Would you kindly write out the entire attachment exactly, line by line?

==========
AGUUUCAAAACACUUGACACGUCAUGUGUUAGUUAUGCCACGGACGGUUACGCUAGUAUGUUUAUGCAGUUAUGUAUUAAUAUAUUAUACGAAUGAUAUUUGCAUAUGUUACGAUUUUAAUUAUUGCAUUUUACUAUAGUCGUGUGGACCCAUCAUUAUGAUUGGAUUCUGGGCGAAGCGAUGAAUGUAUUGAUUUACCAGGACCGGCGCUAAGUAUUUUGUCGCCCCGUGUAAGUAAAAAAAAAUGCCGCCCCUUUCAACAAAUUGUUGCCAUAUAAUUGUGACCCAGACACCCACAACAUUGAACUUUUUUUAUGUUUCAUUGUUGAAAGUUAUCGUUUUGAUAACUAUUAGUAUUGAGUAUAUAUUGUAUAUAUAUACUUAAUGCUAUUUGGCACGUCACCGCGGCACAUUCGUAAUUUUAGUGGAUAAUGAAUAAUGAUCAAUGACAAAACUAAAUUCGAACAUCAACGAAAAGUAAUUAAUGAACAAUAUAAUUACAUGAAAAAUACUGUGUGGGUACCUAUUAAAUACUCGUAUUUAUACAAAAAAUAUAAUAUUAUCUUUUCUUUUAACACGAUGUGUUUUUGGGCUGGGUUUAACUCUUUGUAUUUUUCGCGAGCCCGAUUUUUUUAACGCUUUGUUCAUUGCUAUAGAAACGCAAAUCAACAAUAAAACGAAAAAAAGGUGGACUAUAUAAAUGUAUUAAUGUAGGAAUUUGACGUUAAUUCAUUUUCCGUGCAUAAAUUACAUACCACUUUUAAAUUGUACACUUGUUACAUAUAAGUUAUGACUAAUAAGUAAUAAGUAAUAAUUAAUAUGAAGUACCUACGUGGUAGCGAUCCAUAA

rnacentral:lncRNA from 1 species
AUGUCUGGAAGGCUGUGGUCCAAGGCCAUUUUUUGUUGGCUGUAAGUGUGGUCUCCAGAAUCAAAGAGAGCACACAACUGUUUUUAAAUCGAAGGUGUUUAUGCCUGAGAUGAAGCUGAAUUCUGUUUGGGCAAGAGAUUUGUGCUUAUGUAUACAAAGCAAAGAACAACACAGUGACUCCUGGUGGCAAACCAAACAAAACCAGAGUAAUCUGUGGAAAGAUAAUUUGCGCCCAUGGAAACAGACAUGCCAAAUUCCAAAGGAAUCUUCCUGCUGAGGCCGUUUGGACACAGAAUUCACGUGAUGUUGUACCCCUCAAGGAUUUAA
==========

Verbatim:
AGUUUCAAAACACUUGACACGUCAUGUGUUAGUUAUGCCACGGACGGUUACGCUAGUAUGUUUAUGCAGUUAUGUAUUAAUAUAUUAUACGAAUGAUAUUUGCAUAUGUUACGAUUUUAAUUAUUGCAUUUUACUAUAGUCGUGUGGACCCAUCAUUAUGAUUGGAUUCUGGGCGAAGCGAUGAAUGUAUUGAUUUACCAGGACCGGCGCUAAGUAUUUUGUCGCCCCGUGUAAGUAAAAAAAAAUGCCGCCCCUUUCAACAAAUUGUUGCCAUAUAAUUGUGACCCAGACACCCACAACAUUGAACUUUUUUUAUGUUUCAUUGUUGAAAGUUAUCGUUUUGAUAACUAUUAGUAUUGAGUAUAUAUUGUAUAUAUAUACUUAAUGCUAUUUGGCACGUCACCGCGGCACAUUCGUAAUUUUAGUGGAUAAUGAAUAAUGAUCAAUGACAAAACUAAAUUCGAACAUCAACGAAAAGUAAUUAAUGAACAAUAUAAUUACAUGAAAAAUACUGUGUGGGUACCUAUUAAAUACUCGUAUUUAUACAAAAAAUAUAAUAUUAUCUUUUCUUUUAACACGAUGUGUUUUUGGGCUGGGUUUAACUCUUUGUAUUUUUCGCGAGCCCGAUUUUUUUAACGCUUUGUUCAUUGCUAUAGAAACGCAAAUCAACAAUAAAACGAAAAAAAGGUGGACUAUAUAAAUGUAUUAAUGUAGGAAUUUGACGUUAAUUCAUUUUCCGUGCAUAAAUUACAUACCACUUUUAAAUUGUACACUUGUUACAUAUAAGUUAUGACUAAUAAGUAAUAAGUAAUAAUUAAUAUGAAGUACCUACGUGGUAGCGAUCCAUAA

rnacentral:lncRNA from 1 species
AUGUCUGGAAGGCUGUGGUCCAAGGCCAUUUUUUGUUGGCUGUAAGUGUGGUCUCCAGAAUCAAAGAGAGCACACAACUGUUUUUAAAUCGAAGGUGUUUAUGCCUGAGAUGAAGCUGAAUUCUGUUUGGGCAAGAGAUUUGUGCUUAUGUAUACAAAGCAAAGAACAACACAGUGACUCCUGGUGGCAAACCAAACAAAACCAGAGUAAUCUGUGGAAAGAUAAUUUGCGCCCAUGGAAACAGACAUGCCAAAUUCCAAAGGAAUCUUCCUGCUGAGGCCGUUUGGACACAGAAUUCACGUGAUGUUGUACCCCUCAAGGAUUUAA